Saturday, 24 March 2012

The Press, The Army, and The French

 AS I think most scholars of the "Great Russian War (1854-1856)" are aware, the press played a particulalry important role shaping the perception of that conflict and the mythology of it, especially the Siege of Sebastopol which in reality was a side-show compared to the Naval War. It was through the press that the Siege of Sebastopol has been remembered as the major and perhaps only theatre of operations, famous for the suffering of the British "tommy" compared to the French "piou piou".

Whilst it is undeniable that the British army did suffer during the Winter 1854-1855, they were no worse off than their French allies who lacked shelter other than the most rudmentary kind (dug outs, bivouacs or the Tentes d'Abri (the latter not consisdered suitable for anything but a summer campaign); food (the French commissariat was a bureaucratic nightmare) and hig rates of sickness (mostly from preventable diseases such as scurvey or typhus and also from the cold).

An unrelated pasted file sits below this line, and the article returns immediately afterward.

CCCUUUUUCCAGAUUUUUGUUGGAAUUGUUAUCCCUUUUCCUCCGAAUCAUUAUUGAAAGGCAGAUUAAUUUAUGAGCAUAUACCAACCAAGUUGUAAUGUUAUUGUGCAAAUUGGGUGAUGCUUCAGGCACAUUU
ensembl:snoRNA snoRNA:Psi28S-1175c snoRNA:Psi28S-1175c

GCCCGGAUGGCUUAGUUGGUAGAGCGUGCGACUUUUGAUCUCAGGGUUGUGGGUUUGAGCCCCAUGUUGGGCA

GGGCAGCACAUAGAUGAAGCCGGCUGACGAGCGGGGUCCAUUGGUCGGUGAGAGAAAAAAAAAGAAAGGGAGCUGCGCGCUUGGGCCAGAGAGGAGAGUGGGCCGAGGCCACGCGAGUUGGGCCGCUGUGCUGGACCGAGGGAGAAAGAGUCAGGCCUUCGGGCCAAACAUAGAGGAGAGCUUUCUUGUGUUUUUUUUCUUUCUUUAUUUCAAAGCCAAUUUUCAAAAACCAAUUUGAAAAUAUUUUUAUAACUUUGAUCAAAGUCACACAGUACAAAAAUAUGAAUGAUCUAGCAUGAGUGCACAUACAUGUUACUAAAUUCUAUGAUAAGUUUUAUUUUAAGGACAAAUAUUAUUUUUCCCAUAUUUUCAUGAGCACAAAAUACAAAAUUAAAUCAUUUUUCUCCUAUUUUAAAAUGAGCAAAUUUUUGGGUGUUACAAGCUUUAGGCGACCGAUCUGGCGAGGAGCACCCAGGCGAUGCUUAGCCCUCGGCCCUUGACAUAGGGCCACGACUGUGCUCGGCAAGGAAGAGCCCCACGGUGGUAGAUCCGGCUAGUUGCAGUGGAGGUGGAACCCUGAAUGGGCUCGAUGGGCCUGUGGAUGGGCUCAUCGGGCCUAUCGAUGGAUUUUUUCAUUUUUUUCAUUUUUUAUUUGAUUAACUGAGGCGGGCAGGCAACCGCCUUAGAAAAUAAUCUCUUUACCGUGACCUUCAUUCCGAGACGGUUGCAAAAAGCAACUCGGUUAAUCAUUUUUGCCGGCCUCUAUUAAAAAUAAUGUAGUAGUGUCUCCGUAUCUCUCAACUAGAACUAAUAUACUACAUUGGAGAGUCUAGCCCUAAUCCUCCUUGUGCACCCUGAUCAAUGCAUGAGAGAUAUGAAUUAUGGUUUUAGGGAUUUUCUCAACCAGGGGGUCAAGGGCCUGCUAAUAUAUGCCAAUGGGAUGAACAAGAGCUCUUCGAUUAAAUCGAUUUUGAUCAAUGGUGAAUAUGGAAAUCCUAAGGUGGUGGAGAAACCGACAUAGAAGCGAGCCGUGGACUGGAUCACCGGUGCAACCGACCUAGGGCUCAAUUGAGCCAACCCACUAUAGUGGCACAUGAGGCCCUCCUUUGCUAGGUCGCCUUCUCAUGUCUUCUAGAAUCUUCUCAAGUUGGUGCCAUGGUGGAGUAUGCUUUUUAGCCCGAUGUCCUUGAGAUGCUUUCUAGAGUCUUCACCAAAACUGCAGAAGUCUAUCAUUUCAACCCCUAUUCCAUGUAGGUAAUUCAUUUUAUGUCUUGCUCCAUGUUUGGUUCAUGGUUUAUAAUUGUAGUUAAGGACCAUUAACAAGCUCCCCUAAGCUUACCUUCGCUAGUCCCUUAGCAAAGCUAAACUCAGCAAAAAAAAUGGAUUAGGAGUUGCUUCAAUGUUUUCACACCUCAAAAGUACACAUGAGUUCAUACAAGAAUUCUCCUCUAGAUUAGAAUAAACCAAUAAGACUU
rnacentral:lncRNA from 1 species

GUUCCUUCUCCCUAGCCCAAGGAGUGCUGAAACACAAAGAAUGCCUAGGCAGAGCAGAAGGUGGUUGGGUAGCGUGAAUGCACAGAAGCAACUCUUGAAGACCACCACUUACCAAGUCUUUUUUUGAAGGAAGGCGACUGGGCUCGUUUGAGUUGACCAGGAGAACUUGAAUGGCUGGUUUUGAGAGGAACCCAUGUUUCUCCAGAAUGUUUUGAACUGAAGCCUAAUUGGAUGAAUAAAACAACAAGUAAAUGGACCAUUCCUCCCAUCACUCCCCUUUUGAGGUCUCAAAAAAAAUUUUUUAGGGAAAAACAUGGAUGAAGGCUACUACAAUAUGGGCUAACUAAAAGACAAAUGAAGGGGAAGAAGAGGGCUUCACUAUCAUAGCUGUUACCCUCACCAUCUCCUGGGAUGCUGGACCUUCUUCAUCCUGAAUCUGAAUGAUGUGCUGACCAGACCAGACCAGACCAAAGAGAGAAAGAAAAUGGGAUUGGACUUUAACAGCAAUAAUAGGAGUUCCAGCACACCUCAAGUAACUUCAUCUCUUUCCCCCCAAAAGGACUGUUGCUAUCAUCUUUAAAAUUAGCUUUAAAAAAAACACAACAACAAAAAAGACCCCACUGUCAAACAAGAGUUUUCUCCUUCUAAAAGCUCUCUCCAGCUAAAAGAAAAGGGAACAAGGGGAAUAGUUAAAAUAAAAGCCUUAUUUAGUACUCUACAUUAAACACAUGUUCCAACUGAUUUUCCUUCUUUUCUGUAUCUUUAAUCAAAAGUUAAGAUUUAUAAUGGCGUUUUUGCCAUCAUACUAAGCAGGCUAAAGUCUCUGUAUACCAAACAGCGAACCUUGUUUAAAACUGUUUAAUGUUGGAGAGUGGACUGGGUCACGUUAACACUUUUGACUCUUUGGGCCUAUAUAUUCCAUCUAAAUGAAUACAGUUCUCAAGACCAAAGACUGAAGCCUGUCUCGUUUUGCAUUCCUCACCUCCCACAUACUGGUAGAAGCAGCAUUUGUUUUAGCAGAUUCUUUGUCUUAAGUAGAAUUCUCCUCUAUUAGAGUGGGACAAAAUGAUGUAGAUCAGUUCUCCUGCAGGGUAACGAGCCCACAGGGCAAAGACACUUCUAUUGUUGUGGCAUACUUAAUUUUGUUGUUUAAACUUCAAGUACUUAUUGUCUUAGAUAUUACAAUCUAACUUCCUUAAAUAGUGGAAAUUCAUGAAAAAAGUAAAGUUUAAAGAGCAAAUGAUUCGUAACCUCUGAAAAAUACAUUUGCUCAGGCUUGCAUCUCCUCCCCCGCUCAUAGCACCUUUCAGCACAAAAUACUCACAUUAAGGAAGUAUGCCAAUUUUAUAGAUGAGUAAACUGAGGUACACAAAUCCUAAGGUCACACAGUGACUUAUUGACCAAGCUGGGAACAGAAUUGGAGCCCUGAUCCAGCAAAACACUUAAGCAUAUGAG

William Howard Russell, the "Special COrrespondant with the Army" for the Times Newspaper, however, was biased in his reporting: he admitted in a letter to his editor, John Delane, that he was "convinced" Lord Raglan  was incompetant as "Commander in Chief of British Troops East of Malta" from the start of his appointment. To Russell he was too old, too inexperienced and, above all for member of the upwardly mobile and increasingly vocal middle class, too Aristocratic Lawrence Godkin, the Unitarian reporter for the Daily News was an out-spoken Radical opposed to the Establishment and The Morning Chronicle was editted by a fellow Unitarian and Radical. Russell, like his contemporaries Charles Dickens or Thackery, was a member of the Administrative Reform Association which believed that the Government and the Country should be run by "Professional Persons" on the same line as big business.   The Aristocracy - from where the bulk of senior army officers were drawn - were seen as incompetant in such a responsible position, that they only offered appointments to other "gentelmen" and it was time that the aristocracy moved over in favour of the middle class. In the eyes of many of the politically vocal and powerful middle class, the aristocracy could do nothing right. To the middle class, the French army represented the middle class ideal of the "self made man": the French officer promoted from the ranks, an army which rewarded merit and had little or no favouritism based on class. The direct opposite of the perceived nature of the British army, a perception which for very many army officers was incorrect.